For the very beginning of this Busuu review, let’s start with basic things.
Busuu was launched in 2008 and has remained popular until today. It’s a paid language learning app, famous by its base of over 90 million people and a relatively low-cost option for language learners. The cool thing about Busuu is that it encourages user’s speaking skills by helping him or her to practice the language out loud using a speech recognition tool.
The app also gets you involved in other learners’ journey and has a powerful focus on listening to useful dialogues.
1. Choose a level (A1 – Beginner, A2 – Elementary, B1 – Intermediate, B2 – Upper-Intermediate).
2. If you’re planning to use the free version, start learning with a flashcard system, which has a vocabulary that includes pictures followed by short dialogues. If you ask me, it’s awesome to be introduced to dialogue, so you can get speaking instantly – even if you want to start with a beginner level. Or
In case you’ve purchased the monthly subscription, you can start with choosing what you’re interested in learning – travel, culture, business, etc. For example, I got started with an A1 level German lesson for travel since I’ll only ever need the German language when I go to Germany. My first lesson started with introductions between two German speakers and continued with ordering food. That’s great because I would need exactly that while traveling, so the ability to choose tailored lessons is an awesome feature.
3. Once you’ve got some experience in the language you’re learning, you can start speaking to other native speakers who also use the Busuu app.
Even though everyone who is willing to give this app a try can benefit from it, it’s the best option for a few certain types of users.
The layout is engaging and easy to use
The conversation lessons are very useful
The social feature is awesome
Busuu offers useful cultural tips
You can create a study plan that’s relevant to your life
Limited Language Options (12)
Some exercises don’t have translations
The grammar explanations and practice have a lot of space for improvement
The Chinese lessons have poor quality
You Can Receive Incorrect Corrections
Lack of Entertainment
Although there’s a free version, most of the benefits of the Busuu app lie in its paid Premium option. Prices range depending on the subscription, but the cost can still be less than if you were to pay for private lessons at a school. Also, there’s a seven-day money-back guarantee so you can try out the paid version to see if it’s something that would work for you.
|Subscription Lenght||Premium||Premium Plus|
|Three months||$8.33/month ($24.99)||$9.66 ($28.98)|
|Six months||$5.82/month ($34.92)||$6.66 ($39.96)|
|12 months||$5.41/month ($64.92)||$5.74 ($68.88)|
If you go to the lessons section, you can access all of the learning material. Lessons follow a logical progression and are grouped into different CEFR levels. One thing I really like is that you can see your progress with ease.
Even it isn’t perfect, I just love the lesson flow from one topic to another and the gradual scaffolding of material.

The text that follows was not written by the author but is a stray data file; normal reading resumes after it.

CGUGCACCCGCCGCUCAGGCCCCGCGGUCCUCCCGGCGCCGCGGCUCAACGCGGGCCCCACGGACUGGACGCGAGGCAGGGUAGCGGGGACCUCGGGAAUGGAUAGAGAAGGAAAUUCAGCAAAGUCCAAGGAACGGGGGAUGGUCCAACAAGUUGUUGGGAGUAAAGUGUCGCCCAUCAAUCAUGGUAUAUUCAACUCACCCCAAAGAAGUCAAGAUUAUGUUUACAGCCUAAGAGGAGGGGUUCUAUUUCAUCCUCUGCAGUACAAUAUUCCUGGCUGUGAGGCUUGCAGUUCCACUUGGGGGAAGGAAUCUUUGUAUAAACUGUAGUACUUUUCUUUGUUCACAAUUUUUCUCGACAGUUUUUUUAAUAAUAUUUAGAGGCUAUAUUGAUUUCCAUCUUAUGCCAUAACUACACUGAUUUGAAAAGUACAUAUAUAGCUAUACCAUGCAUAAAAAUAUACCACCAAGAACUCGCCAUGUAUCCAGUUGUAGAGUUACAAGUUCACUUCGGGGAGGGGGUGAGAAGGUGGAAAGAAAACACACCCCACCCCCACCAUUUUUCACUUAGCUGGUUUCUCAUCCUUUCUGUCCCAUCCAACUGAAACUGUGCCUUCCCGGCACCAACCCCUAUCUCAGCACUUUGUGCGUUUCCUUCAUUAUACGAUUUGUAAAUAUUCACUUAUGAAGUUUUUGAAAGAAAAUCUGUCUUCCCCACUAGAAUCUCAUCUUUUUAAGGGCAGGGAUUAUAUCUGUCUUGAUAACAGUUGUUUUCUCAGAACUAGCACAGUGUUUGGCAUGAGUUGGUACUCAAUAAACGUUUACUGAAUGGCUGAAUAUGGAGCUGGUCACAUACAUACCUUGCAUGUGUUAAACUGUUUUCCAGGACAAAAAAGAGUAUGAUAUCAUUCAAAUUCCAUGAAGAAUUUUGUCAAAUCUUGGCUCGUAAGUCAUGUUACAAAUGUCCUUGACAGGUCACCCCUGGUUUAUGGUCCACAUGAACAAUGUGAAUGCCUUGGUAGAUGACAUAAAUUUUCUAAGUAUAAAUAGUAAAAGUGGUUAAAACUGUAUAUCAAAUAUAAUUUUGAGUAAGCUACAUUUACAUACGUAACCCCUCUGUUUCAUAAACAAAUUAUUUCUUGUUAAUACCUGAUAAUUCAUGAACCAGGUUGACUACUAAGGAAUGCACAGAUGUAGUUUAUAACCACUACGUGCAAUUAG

The way the material in Asian language courses builds on itself was tricky. Sometimes it was very difficult to get through some lessons the first time. So I blindly guessed the answer to a lot of questions. What’s worst, I was never shown a translation of the ones I got right.
I had no real connection with the Busuu material. I don’t like the fact that I had only been exposed to the words as characters before answering the question. So, I hadn’t had enough exposure to be able to memorize them at all. The capital letter and punctuation mark helped me guess the correct order of words in sentences.
This is something that happened with the Italian language as well.
Busuu Review: Exercises
Lessons start with the introduction of the new vocabulary with an audio recording, a translation, and a picture. Your job is just to memorize the word(s).
Busuu has good audio. The example sentence and pictures are nice touches as well. However, I was overwhelmed in some lessons because there were too many words for me to memorize.
This language learning option gives you a variety of simple exercises that aim at getting you comfortable with the language you want to learn. Also, you’ll come across basic listening activities, fill-in-the-gap exercises, and unscramble-the-word/sentence puzzles.
I like that variety because it keeps the lesson progression from being too predictable.
One of my favorite exercises in the lessons is the simulated conversation practice. It’s really great that it feels more natural and life-like. However, I wished I had the option to pause the recording or to listen to a specific part (or repeat it).
Busuu’s social aspect is one of the things that a lot of other digital resources don’t have to offer. People often say that it’s the “Largest social network for language learning.” Its probably because of its 90 million user base.
This is one of the Busuu’s best features, and it’s somewhat free. So, you can provide feedback to other users’ posts and vise versa with a free membership. However, you can’t use the social feedback feature that comes at the end of each lesson with a paid subscription.
The social feature is a nice touch, but some people can thinking of it as a social network and that could be very misleading. You can’t send any direct or private messages like you can with other social language apps. So, the only chanal of communication with other users is through the feedback section of exercises. Also, you can offer your feedback on writing or audio posts.
I love this social feature. It was especially useful for me to get feedback on my Chinese pronunciation. I found it a much better way to get pronunciation feedback than by using speech recognition technology.
The number of language learning apps out there is mind-boggling. You should consider learning a new language with Ling App.